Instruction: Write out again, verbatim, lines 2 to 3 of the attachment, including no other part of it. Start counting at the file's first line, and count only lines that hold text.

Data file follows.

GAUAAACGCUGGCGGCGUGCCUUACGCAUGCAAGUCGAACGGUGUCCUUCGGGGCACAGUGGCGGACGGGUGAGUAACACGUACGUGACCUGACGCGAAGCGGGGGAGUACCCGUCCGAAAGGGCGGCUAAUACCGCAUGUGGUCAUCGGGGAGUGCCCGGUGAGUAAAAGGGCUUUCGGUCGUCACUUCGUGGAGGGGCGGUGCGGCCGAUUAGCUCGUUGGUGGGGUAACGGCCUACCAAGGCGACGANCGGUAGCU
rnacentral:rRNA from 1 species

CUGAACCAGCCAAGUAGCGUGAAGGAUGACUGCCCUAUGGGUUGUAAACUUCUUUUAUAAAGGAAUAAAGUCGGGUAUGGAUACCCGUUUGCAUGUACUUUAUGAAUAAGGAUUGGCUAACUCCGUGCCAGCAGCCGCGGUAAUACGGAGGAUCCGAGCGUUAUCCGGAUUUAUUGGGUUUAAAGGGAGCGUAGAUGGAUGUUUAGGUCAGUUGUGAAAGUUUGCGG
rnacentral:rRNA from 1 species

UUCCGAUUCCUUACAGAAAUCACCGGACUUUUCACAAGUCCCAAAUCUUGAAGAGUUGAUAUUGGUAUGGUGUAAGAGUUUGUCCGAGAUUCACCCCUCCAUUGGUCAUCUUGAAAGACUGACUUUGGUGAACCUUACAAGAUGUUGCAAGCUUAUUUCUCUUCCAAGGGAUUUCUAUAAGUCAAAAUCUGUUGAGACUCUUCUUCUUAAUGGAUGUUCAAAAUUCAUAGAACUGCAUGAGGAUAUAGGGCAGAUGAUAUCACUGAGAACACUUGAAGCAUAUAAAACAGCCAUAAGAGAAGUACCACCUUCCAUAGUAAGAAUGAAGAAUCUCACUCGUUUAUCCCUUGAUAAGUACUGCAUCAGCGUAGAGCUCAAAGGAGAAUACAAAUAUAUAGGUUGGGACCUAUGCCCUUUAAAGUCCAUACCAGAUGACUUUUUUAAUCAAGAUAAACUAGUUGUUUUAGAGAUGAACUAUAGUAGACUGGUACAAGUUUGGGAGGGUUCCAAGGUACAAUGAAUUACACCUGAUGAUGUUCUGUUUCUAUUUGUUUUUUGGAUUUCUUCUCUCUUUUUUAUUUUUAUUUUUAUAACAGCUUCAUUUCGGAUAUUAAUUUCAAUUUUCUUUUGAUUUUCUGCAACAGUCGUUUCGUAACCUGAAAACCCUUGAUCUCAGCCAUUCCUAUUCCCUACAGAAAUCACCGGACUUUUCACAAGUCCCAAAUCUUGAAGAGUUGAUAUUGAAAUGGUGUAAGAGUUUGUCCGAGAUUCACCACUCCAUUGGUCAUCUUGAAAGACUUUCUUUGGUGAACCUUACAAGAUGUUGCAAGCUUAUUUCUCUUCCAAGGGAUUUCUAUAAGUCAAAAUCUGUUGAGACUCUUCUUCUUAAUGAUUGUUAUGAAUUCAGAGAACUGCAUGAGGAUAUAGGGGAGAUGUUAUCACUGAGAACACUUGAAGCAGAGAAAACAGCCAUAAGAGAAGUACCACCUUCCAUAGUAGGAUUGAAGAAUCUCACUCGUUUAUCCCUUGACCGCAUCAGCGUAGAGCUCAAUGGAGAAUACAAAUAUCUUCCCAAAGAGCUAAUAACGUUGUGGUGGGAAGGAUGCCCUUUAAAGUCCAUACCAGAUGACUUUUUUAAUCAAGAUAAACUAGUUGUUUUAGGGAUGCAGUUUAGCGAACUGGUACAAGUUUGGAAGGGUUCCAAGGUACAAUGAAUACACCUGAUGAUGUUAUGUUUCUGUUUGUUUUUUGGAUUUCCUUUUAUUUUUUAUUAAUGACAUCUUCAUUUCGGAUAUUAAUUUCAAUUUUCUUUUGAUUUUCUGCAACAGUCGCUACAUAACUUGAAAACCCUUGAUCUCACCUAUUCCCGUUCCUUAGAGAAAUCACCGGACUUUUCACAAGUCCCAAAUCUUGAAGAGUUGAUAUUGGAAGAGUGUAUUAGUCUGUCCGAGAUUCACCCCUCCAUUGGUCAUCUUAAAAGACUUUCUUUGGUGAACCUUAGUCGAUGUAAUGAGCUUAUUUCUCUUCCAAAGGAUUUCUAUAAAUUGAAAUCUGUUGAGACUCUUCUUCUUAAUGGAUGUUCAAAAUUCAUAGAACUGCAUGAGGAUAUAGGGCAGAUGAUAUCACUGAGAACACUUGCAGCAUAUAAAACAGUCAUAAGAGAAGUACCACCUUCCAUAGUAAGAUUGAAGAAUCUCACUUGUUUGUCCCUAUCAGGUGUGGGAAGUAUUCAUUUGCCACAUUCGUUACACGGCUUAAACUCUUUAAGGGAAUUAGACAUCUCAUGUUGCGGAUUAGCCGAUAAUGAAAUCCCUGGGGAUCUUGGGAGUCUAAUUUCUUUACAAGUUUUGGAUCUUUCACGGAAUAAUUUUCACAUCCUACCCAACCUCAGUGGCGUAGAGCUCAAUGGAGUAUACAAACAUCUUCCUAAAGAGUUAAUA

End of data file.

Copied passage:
rnacentral:rRNA from 1 species

CUGAACCAGCCAAGUAGCGUGAAGGAUGACUGCCCUAUGGGUUGUAAACUUCUUUUAUAAAGGAAUAAAGUCGGGUAUGGAUACCCGUUUGCAUGUACUUUAUGAAUAAGGAUUGGCUAACUCCGUGCCAGCAGCCGCGGUAAUACGGAGGAUCCGAGCGUUAUCCGGAUUUAUUGGGUUUAAAGGGAGCGUAGAUGGAUGUUUAGGUCAGUUGUGAAAGUUUGCGG